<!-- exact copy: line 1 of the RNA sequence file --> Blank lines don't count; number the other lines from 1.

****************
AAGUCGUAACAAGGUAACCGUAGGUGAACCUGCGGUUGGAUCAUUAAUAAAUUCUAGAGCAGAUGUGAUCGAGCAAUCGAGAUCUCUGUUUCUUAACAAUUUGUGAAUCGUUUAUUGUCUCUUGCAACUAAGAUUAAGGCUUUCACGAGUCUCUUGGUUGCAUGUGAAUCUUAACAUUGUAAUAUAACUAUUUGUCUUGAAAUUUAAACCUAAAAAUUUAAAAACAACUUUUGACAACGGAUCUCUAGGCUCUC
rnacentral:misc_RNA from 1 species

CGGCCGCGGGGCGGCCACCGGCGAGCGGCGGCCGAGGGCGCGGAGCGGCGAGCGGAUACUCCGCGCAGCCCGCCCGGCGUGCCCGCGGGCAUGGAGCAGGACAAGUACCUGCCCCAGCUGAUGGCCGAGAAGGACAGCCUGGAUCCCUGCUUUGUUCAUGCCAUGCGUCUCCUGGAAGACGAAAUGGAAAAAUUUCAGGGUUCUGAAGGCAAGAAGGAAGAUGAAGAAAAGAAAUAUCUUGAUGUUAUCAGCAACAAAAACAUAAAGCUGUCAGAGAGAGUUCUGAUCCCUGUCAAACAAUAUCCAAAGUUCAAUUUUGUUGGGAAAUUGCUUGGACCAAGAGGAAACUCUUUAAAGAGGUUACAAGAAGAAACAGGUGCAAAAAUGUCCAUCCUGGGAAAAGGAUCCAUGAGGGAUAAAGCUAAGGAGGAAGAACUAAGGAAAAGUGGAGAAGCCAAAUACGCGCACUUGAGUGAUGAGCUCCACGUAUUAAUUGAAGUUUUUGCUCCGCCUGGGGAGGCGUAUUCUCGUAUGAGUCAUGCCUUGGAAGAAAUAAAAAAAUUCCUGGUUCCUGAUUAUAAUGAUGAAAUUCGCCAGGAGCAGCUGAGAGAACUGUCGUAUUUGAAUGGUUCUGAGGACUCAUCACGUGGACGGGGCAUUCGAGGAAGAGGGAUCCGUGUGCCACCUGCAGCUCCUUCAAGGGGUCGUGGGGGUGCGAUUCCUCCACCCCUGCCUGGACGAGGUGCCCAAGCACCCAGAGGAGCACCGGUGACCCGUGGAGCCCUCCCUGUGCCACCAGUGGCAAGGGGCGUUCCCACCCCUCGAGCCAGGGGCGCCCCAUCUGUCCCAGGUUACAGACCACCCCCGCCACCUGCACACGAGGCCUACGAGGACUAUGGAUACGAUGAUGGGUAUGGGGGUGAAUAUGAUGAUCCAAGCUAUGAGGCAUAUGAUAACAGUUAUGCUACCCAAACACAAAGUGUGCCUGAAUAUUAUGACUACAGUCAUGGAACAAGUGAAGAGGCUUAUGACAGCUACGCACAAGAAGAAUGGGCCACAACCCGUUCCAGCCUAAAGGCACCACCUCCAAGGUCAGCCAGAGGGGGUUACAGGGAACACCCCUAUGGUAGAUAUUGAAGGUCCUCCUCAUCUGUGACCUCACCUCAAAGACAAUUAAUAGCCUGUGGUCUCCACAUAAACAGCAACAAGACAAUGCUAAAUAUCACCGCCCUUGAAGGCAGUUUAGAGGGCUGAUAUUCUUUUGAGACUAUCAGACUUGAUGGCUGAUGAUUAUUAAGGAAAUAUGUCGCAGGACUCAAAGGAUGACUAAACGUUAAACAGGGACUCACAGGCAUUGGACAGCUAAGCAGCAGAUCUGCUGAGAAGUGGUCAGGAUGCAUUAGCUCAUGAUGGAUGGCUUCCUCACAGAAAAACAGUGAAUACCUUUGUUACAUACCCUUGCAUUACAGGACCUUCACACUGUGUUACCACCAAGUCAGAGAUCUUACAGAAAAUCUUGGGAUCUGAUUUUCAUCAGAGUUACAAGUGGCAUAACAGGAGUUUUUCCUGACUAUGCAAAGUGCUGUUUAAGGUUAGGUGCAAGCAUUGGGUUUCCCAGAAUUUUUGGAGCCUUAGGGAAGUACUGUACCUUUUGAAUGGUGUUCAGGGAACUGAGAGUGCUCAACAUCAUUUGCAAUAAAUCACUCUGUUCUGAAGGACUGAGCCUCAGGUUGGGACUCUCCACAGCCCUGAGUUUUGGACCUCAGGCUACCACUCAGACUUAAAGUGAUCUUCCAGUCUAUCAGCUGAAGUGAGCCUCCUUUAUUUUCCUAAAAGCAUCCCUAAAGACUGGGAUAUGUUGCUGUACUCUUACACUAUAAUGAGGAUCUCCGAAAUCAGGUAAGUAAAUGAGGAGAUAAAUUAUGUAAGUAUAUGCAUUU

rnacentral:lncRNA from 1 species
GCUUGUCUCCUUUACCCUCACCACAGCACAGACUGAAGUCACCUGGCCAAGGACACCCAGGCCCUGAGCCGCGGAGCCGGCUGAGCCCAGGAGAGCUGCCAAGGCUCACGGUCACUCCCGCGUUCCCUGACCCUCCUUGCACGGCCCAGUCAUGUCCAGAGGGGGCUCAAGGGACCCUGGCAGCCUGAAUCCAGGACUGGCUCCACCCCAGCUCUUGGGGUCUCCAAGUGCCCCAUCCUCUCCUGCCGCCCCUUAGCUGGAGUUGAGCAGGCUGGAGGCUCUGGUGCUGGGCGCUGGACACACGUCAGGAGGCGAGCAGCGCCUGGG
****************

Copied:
AAGUCGUAACAAGGUAACCGUAGGUGAACCUGCGGUUGGAUCAUUAAUAAAUUCUAGAGCAGAUGUGAUCGAGCAAUCGAGAUCUCUGUUUCUUAACAAUUUGUGAAUCGUUUAUUGUCUCUUGCAACUAAGAUUAAGGCUUUCACGAGUCUCUUGGUUGCAUGUGAAUCUUAACAUUGUAAUAUAACUAUUUGUCUUGAAAUUUAAACCUAAAAAUUUAAAAACAACUUUUGACAACGGAUCUCUAGGCUCUC